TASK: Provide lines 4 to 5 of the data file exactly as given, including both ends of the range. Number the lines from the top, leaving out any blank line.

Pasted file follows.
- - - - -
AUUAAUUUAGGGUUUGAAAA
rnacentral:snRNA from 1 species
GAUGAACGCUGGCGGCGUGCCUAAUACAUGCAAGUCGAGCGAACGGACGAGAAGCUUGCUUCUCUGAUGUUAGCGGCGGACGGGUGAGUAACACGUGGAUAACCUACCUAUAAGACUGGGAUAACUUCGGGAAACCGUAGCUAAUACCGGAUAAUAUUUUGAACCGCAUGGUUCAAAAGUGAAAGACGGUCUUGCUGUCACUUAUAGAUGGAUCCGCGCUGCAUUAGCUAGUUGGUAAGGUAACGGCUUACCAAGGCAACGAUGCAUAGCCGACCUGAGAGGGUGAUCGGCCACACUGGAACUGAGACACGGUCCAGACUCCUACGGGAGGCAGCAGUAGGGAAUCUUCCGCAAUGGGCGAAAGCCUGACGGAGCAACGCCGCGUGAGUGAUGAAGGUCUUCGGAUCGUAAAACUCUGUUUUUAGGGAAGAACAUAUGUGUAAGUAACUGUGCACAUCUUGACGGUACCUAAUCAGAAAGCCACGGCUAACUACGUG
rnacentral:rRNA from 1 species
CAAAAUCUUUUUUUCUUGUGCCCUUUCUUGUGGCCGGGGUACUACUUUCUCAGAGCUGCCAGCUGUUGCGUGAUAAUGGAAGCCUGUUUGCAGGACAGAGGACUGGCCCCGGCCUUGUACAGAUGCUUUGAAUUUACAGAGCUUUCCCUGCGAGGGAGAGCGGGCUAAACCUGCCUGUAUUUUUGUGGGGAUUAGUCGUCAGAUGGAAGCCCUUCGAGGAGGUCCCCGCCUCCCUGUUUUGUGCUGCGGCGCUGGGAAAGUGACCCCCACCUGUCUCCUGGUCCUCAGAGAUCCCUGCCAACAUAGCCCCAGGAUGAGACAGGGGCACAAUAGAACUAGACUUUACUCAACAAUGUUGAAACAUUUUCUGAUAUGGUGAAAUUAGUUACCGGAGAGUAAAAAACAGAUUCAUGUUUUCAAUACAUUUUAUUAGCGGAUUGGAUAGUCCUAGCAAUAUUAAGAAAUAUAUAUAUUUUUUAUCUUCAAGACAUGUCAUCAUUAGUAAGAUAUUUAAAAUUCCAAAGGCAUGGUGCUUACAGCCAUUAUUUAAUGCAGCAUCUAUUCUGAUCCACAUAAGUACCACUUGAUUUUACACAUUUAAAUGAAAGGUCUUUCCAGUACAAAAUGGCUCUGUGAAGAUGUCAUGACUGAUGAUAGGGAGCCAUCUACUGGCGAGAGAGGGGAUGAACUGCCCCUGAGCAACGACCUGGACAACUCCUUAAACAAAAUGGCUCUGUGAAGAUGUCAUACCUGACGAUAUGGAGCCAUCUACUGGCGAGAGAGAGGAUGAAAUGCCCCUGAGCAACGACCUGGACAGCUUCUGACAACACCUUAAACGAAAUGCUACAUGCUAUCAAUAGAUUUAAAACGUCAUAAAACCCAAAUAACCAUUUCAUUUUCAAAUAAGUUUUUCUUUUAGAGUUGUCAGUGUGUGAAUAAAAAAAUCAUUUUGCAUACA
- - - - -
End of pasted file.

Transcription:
rnacentral:rRNA from 1 species
CAAAAUCUUUUUUUCUUGUGCCCUUUCUUGUGGCCGGGGUACUACUUUCUCAGAGCUGCCAGCUGUUGCGUGAUAAUGGAAGCCUGUUUGCAGGACAGAGGACUGGCCCCGGCCUUGUACAGAUGCUUUGAAUUUACAGAGCUUUCCCUGCGAGGGAGAGCGGGCUAAACCUGCCUGUAUUUUUGUGGGGAUUAGUCGUCAGAUGGAAGCCCUUCGAGGAGGUCCCCGCCUCCCUGUUUUGUGCUGCGGCGCUGGGAAAGUGACCCCCACCUGUCUCCUGGUCCUCAGAGAUCCCUGCCAACAUAGCCCCAGGAUGAGACAGGGGCACAAUAGAACUAGACUUUACUCAACAAUGUUGAAACAUUUUCUGAUAUGGUGAAAUUAGUUACCGGAGAGUAAAAAACAGAUUCAUGUUUUCAAUACAUUUUAUUAGCGGAUUGGAUAGUCCUAGCAAUAUUAAGAAAUAUAUAUAUUUUUUAUCUUCAAGACAUGUCAUCAUUAGUAAGAUAUUUAAAAUUCCAAAGGCAUGGUGCUUACAGCCAUUAUUUAAUGCAGCAUCUAUUCUGAUCCACAUAAGUACCACUUGAUUUUACACAUUUAAAUGAAAGGUCUUUCCAGUACAAAAUGGCUCUGUGAAGAUGUCAUGACUGAUGAUAGGGAGCCAUCUACUGGCGAGAGAGGGGAUGAACUGCCCCUGAGCAACGACCUGGACAACUCCUUAAACAAAAUGGCUCUGUGAAGAUGUCAUACCUGACGAUAUGGAGCCAUCUACUGGCGAGAGAGAGGAUGAAAUGCCCCUGAGCAACGACCUGGACAGCUUCUGACAACACCUUAAACGAAAUGCUACAUGCUAUCAAUAGAUUUAAAACGUCAUAAAACCCAAAUAACCAUUUCAUUUUCAAAUAAGUUUUUCUUUUAGAGUUGUCAGUGUGUGAAUAAAAAAAUCAUUUUGCAUACA